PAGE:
TinyPic was a platform for hosting images popular on the Internet between 2004 and 2019. A drop in traffic and thus advertisement revenue was partially the reason it was shut down. However, the primary cause was the inception of a sister company and a direct rival who acquired them, Photobucket. While that is nothing unusual, as you’ll see below, the company left users to fend for themselves regarding images they uploaded over a decade and a half. We don’t believe saying there are over a hundred million pictures with dead URLs pointing to them is an exaggeration. With that said, we’ll try our best to demonstrate how to recover TinyPic images.
What happened to TinyPic and all hosted images?
In June 2019, Photobucket announced that TinyPic will be shutting down shortly. They gave users a few months to sign in to their accounts or directly download images they uploaded anonymously. Users had a deadline, September 16, 2019, after which all links to hosted images would stop working. Even worse, the service had no bulk download option, forcing visitors to download images one by one. Since revenue was the key issue, TinyPic had no plans to create an archive or a backup which was the case with tech giants like Google and their Picasa service. Consequently, a default error thumbnail replaced all images hence no direct methods to access them exist.
1. Recover TinyPic images by searching on Archive.org
A warrior project on Archive.org, a non-profit organization that vows to preserve as much data on the Internet from disappearing, took the matter into its hands. Therefore, there are two ways of restoring images from TinyPic using Archive.org:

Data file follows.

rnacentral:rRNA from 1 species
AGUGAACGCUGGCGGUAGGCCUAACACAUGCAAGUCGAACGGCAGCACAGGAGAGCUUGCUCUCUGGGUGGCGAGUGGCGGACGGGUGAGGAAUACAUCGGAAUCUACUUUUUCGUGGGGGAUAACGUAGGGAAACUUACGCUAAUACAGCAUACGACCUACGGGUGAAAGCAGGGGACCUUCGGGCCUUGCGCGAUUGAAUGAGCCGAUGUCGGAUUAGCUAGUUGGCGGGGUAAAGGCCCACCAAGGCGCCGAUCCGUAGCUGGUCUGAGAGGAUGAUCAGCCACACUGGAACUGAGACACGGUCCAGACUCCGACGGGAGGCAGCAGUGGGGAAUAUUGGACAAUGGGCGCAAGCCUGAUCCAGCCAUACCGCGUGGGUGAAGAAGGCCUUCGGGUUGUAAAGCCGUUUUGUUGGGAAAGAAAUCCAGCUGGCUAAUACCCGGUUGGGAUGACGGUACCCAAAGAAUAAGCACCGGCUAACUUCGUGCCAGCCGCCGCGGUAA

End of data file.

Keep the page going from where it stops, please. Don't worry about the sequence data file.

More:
1. Use their warrior project archive
In late August 2019, a crawler employed by Archive Team began scanning the TinyPic website and its servers and extracting images. Despite the fact it ran until the time servers went offline for good, it merely obtained ~1% of the data in the database. Therefore, with time on your hands and lots of luck, you may find your image on the Archive.org TinyPic image collection project.
2. Employ their Wayback Machine tool
Another method involves utilizing the Wayback Machine web tool we mentioned numerous times. In short, it takes a snapshot of pages on a certain date and time and preserves it even after the page is no longer available. Links that were visited more often have a higher chance of being kept by the tool. Thus, if you have direct links to your images, do this:
- Enter URLs one by one on the Wayback Machine home page.
- Click on Browse History.
- A calendar chart with some dates highlighted or circled will appear. This indicates that a snapshot was taken of the page (in this case, image) on that day. Their absence represents the lack of a snapshot of that day. Click the date you want.
- If there’s one snapshot for that day, Wayback Machine will redirect you there. Otherwise, select one of the available snapshots based on the time of day.
- If all goes well, you’ll see an image you can screenshot or capture in other ways.
2. Search user-made TinyPic archives and libraries
Users decided to crawl the TinyPic servers themselves and save as many images as possible, too. For instance, one member of the aforementioned Archive Team, JustAnotherArchivist, decided to act independently. Using a different method named qwarc crawl, they archived approximately 13.2 million images. They split them into 4 parts: TinyPic archive part a, TinyPic archive part b, TinyPic archive part c, and TinyPic archive part d.
Furthermore, a collective effort of Archive Team users and helpers resulted in a TinyPic image warrior archive of nearly 5 TB. Unsurprisingly, that is still a small portion of the total data on TinyPic servers. Finally, users who transitioned to Photobucket or other image-sharing services (Google Images, PhotoBox Imgur, Flickr, ImgBB, and so on) individually uploaded hundreds of thousands of images over the last few years. Thus, whether you can find them is a matter of time, effort, and luck.